Ever have a moment when a passage of scripture just reaches out and grabs you? Many years ago, I had a moment like that with these verses from II Corinthians 5:
"... God has reconciled us to himself through Christ, and has given to us the ministry of reconciliation; that is, in Christ, God was reconciling the world to himself, not counting their trespasses against them, and entrusting the message of reconciliation to us. So we are ambassadors for Christ, since God is making his appeal through us; we entreat you on behalf of Christ, be reconciled to God."
Absolutely hit me like a ton of bricks! What struck me was that Paul was writing these words of encouragement to the CHURCH -- the very people you'd expect are ALREADY reconciled to God -- and he's literally imploring them to PLEASE, be reconciled to God.
Shouldn't Paul be writing this to non-believers? Shouldn't this be an evangelistic sermon directed toward people who don't know the Lord and need to repent of their sin and get right with God?
So you'd think. But instead, Paul is writing this to the people who go to church every Sunday and look just fine from the outside -- the Christians of the world who are already supposed to be reconciled to God.
We've got to have this wrong, somehow! Certainly I recommend going to church every Sunday and looking good from the outside. But clearly, that's not enough. The question is, what's going on in our hearts and minds and spirits? That's where this reconciliation needs to take place.
We keep VERY busy, don't we? We have so much to do. We have to work, and then when we get home, especially if we're parents, we have a whole lot MORE work to do. In fact, in these economic times, many folks are working two or even more jobs. And we watch a lot of TV, because we're certainly entitled to a little relaxation. We can spend aimless hours in front of our computers. NONE of that is especially sinful, if we can keep our balance. But what happens all too often is that our INNER relationship with God -- where we talk to him, spend some time in prayer, read some scripture -- just gets lost in the shuffle.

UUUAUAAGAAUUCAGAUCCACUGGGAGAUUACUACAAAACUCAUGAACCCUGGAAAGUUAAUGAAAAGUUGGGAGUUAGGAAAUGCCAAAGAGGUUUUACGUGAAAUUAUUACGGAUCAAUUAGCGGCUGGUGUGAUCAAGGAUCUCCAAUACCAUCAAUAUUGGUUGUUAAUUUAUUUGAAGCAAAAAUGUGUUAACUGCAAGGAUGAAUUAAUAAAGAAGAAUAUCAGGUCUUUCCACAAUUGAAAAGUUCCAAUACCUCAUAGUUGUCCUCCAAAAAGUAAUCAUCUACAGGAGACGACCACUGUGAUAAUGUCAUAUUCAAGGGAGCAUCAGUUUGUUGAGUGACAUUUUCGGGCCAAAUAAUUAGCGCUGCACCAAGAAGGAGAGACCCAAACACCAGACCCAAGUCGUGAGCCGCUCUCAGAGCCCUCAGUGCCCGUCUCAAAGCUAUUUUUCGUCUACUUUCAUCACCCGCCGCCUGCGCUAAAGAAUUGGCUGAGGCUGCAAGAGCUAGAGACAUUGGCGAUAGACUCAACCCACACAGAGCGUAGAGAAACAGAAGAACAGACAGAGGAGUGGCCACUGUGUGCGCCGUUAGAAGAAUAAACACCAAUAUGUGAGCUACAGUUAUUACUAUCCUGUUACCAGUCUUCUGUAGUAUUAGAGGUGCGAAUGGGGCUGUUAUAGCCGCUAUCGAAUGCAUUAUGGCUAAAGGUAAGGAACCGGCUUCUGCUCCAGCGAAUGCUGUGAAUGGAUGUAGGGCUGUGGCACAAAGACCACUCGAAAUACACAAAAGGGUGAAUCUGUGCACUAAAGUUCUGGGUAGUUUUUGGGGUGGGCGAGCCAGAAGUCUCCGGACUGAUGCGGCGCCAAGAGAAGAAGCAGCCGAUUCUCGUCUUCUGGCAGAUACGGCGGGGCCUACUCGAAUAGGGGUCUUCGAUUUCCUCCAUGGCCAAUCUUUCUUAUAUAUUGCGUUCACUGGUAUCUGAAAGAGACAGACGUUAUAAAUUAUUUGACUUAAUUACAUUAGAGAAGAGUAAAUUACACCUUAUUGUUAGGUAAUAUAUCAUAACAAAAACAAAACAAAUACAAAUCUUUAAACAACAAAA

And that can go on for days, even weeks. Soon, we're feeling too guilty to just pray, because we've been ignoring God for so long. And if we're feeling guilty, we avoid God more than ever. And that's just a mess. Our relationship with God has been crowded out by our busyness, our tiredness, and our preoccupation with other things. And the enemy folds his arms and looks around and says, "Hey, I do good work, don't I?"
When we're feeling distant from God, in need of reconciliation, our problems usually come down to two things that are very much related. You won't be surprised to hear that the first of these two things is sin. For that, Jesus says the same thing he's been saying from the beginning: "Come to me and confess your sin. We'll talk it over, and you'll feel better. Receive my help so that you can begin to be stronger in this area. And receive my grace, because I forgive you, and I want you to rejoice in my love." No judgment; no condemnation. Just grace, and a desire to be reconciled.
And the second thing? Well, often, underneath the sin, the root of the sin ... is a need for healing. Hurt, disillusionment, grief, built-up resentment, unforgiveness toward others, long-simmering anger, can all combine to create a festering wound that yes, causes us to sin. And we need to repent and ask forgiveness. But more than anything else, we need to ask for, and receive, God's healing. When we begin to open ourselves to such healing, we feel joy, we feel relief ... we experience reconciliation with God.
Is this magic? Will healing happen overnight? Maybe. But more often, the things of God are slow in coming. Transformation is a process that happens over time, bit by bit, moment by moment, as we learn honest repentance and open ourselves up to receive healing and grace. Oh, yes, good "church folks" sometimes need this more than anyone!
There's nothing more peaceful, more joyful, than being reconciled to God and receiving his grace. Don't put it off. Today is your day.
Rev. Susan Bennett is pastor of Stockbridge Presbyterian Church. She and her husband live in Stockbridge with two giant Rottweilers and a 15-pound rescue dog who is the boss of everybody.